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Written by Lindsay McKay
A career in professional coaching can be deeply rewarding and fulfilling. Your path to becoming a certified coach will involve intense personal development and a steep learning curve. The coaching mindset you will learn can translate into skills such as mentoring, parenting, managing, and building a terrific life for yourself and others. With so many people joining this lucrative industry, there needs to be a way to stand out and become successful. Read on to learn the path of becoming a certified coach, from finding your niche to gaining clients.
Whether you are planning on becoming a life coach, business coach, or career coach, it is helpful for yourself, your future marketing efforts, and future clients to choose or create a niche for yourself. The steps to finding your niche include:
Let’s walk through an example; you realize you enjoy working with more than one person, such as a relationship, partnership, family, or organization. Your background happens to be in nursing in a maternity ward, and you have years of experience with parents and families struggling with a new baby at home. You think you can help ease the transition and help solve the problems most families/parents face. You do some research and see that they are birthing coaches and parenting coaches, but nothing about the transition. You talk with parents you know and fellow nurses, and they all seem interested. You may have found your potential coaching niche.
This example shows you can take your career background and create a unique, specific niche.
A key to succeeding and being reputable in the coaching industry is to get certified through the International Coaching Federation (ICF). The ICF is the leading global organization dedicated to advancing the coaching profession. They advance the profession by setting high standards, providing independent certification and building a worldwide network of trained coaching professionals. To get certified, you must take a coach certification program through an accredited institution. The ICF offers several levels of certification, including Associate Certified Coach (ACC) and the Professional Certified Coach (PCC), Ashton College’s training program can help you gain these credentials. All credentials include paid coaching experience with clients, so these credentials take time to earn, and it is best to understand all the criteria before starting it.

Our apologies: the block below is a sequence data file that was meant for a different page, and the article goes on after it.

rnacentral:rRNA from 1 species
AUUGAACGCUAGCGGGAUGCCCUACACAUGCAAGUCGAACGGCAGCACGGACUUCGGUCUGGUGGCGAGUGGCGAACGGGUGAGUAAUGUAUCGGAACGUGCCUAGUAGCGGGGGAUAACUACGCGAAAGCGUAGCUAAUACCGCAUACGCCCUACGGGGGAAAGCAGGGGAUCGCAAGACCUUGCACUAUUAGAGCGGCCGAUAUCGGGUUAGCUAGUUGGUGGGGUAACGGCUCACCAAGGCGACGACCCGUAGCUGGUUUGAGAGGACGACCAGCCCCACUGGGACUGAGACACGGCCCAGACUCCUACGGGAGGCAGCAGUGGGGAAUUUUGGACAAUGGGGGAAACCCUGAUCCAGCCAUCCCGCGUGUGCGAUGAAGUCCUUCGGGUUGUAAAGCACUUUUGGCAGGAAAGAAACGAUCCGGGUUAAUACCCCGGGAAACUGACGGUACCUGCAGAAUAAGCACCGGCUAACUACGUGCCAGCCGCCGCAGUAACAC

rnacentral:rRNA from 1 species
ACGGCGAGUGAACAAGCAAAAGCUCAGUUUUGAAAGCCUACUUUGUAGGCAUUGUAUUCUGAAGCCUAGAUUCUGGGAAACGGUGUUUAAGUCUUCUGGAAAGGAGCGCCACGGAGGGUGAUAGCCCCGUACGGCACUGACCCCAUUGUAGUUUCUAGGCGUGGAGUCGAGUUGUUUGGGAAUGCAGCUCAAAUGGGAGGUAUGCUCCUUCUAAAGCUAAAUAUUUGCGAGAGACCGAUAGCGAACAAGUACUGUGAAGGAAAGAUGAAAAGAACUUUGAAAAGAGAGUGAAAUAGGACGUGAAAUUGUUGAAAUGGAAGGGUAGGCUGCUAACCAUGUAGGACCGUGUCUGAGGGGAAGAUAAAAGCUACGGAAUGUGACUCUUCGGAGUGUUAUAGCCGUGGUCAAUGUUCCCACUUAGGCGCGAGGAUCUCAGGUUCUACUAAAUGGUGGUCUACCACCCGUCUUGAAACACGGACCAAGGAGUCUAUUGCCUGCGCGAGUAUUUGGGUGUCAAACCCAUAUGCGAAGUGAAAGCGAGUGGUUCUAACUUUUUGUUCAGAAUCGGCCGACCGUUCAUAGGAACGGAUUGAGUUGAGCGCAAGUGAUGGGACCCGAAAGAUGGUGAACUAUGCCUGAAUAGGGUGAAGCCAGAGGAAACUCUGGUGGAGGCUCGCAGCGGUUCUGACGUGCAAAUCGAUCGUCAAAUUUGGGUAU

The ACC is an entry-level certification and has three potential paths. To apply, you must complete a 60-hour training program, 100 hours (70 paid) coaching experience with eight clients, and completion of a knowledge test. Some paths have additional requirements such as mentorship hours and performance evaluations.
Learn more about ACC pathways on the ICF website: ACC Paths
The PCC is the gold standard certification with the three same potential paths as ACC but with an increase in hours across all criteria. To apply, you must complete at least 125 hours of coach-specific training, 500 hours (440 paid) coaching experience with 25 clients, and completion of a knowledge test. Some paths have additional requirements such as mentorship hours and performance evaluations.
Learn more about the PCC pathways on the ICF website: PCC Paths
A comprehensive life coach training program is essential to becoming any type of professional coach—life coach, business coach, or otherwise. Gain foundational coaching theory knowledge, learn how to cultivate trust to create a safe environment with your clients, and how to establish a coaching practice with our 160-hour training program.
Gaining clients once you start is no easy task. To help out with this challenge, students will learn how to market themselves as a coach and create a welcome package for potential clients. This is where having a unique niche is extremely helpful, so you can target a very specific audience with a relatable problem you can solve. The biggest hurdle to getting clients is getting your name out there. So, make connections with your classmates, join online communities, go to public events, talk with people and just offer help or a listening ear. Everything takes time, especially such a lucrative career as a professional coach.
The information contained in this post is considered true and accurate as of the publication date. However, the accuracy of this information may be impacted by changes in circumstances that occur after the time of publication. Ashton College assumes no liability for any error or omissions in the information contained in this post or any other post in our blog